Vale Val Macarow, a tireless campaigner

Val Macarow, a lifelong activist for many causes, most notably the Movement Against Uranium Mining (MAUM) and the anti-nuclear movement, died on 9 March at the age of 87.

Val’s Jewish grandparents had escaped from pogroms in Russia, and she grew up in a working class family in Carlton. “The women in Val’s family were courageous and strong, and this certainly would have informed her commitment to equality, human rights and the rights of women”, her daughter Keely said.

Val became an activist during the Vietnam War, when she was active in the Congress for International Co-operation and Disarmament and the Moorabbin Peace Group, in the Melbourne suburb where she lived. This set her on a decades-long path of activism in her local area.

When the women’s liberation movement started in the 1970s, she embraced it wholeheartedly.

She was pivotal, along with others, in setting up and running women’s refuges (then called halfway houses) in Caulfield and Albert Park to support and provide temporary housing for women and children escaping violent men. She stood up to the police and men who came to the house, refusing to let them in and ensuring the safety of the women.

Val’s main contribution was to environmental issues, particularly through MAUM during the 1980s.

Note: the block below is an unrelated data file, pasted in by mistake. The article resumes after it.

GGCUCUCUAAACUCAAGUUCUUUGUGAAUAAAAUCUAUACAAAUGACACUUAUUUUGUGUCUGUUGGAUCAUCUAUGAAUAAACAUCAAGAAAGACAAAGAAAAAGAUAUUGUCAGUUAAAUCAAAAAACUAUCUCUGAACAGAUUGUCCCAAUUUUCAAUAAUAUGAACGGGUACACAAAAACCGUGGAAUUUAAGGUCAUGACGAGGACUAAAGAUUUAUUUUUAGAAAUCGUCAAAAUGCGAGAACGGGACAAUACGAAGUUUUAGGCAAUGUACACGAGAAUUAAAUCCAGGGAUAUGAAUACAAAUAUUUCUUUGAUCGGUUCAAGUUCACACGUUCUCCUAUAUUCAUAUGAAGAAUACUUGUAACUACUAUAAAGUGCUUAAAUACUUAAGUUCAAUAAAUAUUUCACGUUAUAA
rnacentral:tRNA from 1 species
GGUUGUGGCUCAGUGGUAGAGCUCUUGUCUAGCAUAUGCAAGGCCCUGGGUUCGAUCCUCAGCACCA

She played a pivotal role in the Moorabbin MAUM group, which worked with residents and had a very good relationship with several local workplaces. Under MAUM’s influence, metal workers at Johns and Waygood declared that they would refuse to build anything connected with uranium mines in their factory. 

Workers at the Philip Morris tobacco factory were also supporters of the MAUM group, which returned the favour and supported a picket that lasted over Christmas time one year.

Sandra Bloodworth, who worked closely with Val in those years, said: “This was a great example for me as a new socialist activist of how solidarity builds networks and actions”.

Val influenced local resident Noel Toumbourou, who remembers Val telling him why she spent her time working for causes rather than pursuing money: “She realised that capitalism was a flawed system and we were all harming the environment in our pursuit of wealth”.

Val also engaged in many national activities, events and demonstrations to raise awareness of the dangers of Australian uranium in the nuclear cycle. She helped organise and participated in blockades of the Roxby Downs uranium mine in South Australia, and in Melbourne marches against uranium mining.

In more recent years, Val was active in campaigns against GM food and with other grandmothers protesting against the detention of refugees. She was recognised in the media including in local papers and the Age. 

She influenced many people in her own locality, but also internationally as she forged ties and worked with the German Greens, US activist sister Rosalie Bertell and Chinese and Japanese anti-nuclear activists, among others.

Val Macarow was a tireless worker for the rights of people and the environment and a fighter against injustice. It is out of such grassroots activists that socialist movements are created.